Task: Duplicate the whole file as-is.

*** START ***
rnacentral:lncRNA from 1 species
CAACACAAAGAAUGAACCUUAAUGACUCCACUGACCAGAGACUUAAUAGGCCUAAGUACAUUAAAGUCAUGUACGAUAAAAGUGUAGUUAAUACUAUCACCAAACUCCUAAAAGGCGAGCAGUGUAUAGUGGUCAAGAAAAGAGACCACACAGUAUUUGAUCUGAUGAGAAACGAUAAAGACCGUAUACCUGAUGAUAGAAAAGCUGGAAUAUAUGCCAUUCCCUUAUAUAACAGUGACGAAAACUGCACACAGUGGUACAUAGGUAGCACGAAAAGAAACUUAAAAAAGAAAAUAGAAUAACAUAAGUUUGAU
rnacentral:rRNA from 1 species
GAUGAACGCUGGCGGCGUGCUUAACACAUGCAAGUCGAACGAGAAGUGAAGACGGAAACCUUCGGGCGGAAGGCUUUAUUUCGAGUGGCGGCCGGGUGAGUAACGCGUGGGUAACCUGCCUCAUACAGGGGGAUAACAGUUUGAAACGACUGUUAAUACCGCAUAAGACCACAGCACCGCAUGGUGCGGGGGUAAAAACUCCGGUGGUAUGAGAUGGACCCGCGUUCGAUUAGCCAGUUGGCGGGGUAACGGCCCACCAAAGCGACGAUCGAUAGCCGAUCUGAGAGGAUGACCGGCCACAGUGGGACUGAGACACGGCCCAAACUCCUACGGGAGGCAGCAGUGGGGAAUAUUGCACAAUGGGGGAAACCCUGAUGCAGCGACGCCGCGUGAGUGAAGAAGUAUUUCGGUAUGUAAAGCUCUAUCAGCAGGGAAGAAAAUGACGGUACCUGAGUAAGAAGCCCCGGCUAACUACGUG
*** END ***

rnacentral:lncRNA from 1 species
CAACACAAAGAAUGAACCUUAAUGACUCCACUGACCAGAGACUUAAUAGGCCUAAGUACAUUAAAGUCAUGUACGAUAAAAGUGUAGUUAAUACUAUCACCAAACUCCUAAAAGGCGAGCAGUGUAUAGUGGUCAAGAAAAGAGACCACACAGUAUUUGAUCUGAUGAGAAACGAUAAAGACCGUAUACCUGAUGAUAGAAAAGCUGGAAUAUAUGCCAUUCCCUUAUAUAACAGUGACGAAAACUGCACACAGUGGUACAUAGGUAGCACGAAAAGAAACUUAAAAAAGAAAAUAGAAUAACAUAAGUUUGAU
rnacentral:rRNA from 1 species
GAUGAACGCUGGCGGCGUGCUUAACACAUGCAAGUCGAACGAGAAGUGAAGACGGAAACCUUCGGGCGGAAGGCUUUAUUUCGAGUGGCGGCCGGGUGAGUAACGCGUGGGUAACCUGCCUCAUACAGGGGGAUAACAGUUUGAAACGACUGUUAAUACCGCAUAAGACCACAGCACCGCAUGGUGCGGGGGUAAAAACUCCGGUGGUAUGAGAUGGACCCGCGUUCGAUUAGCCAGUUGGCGGGGUAACGGCCCACCAAAGCGACGAUCGAUAGCCGAUCUGAGAGGAUGACCGGCCACAGUGGGACUGAGACACGGCCCAAACUCCUACGGGAGGCAGCAGUGGGGAAUAUUGCACAAUGGGGGAAACCCUGAUGCAGCGACGCCGCGUGAGUGAAGAAGUAUUUCGGUAUGUAAAGCUCUAUCAGCAGGGAAGAAAAUGACGGUACCUGAGUAAGAAGCCCCGGCUAACUACGUG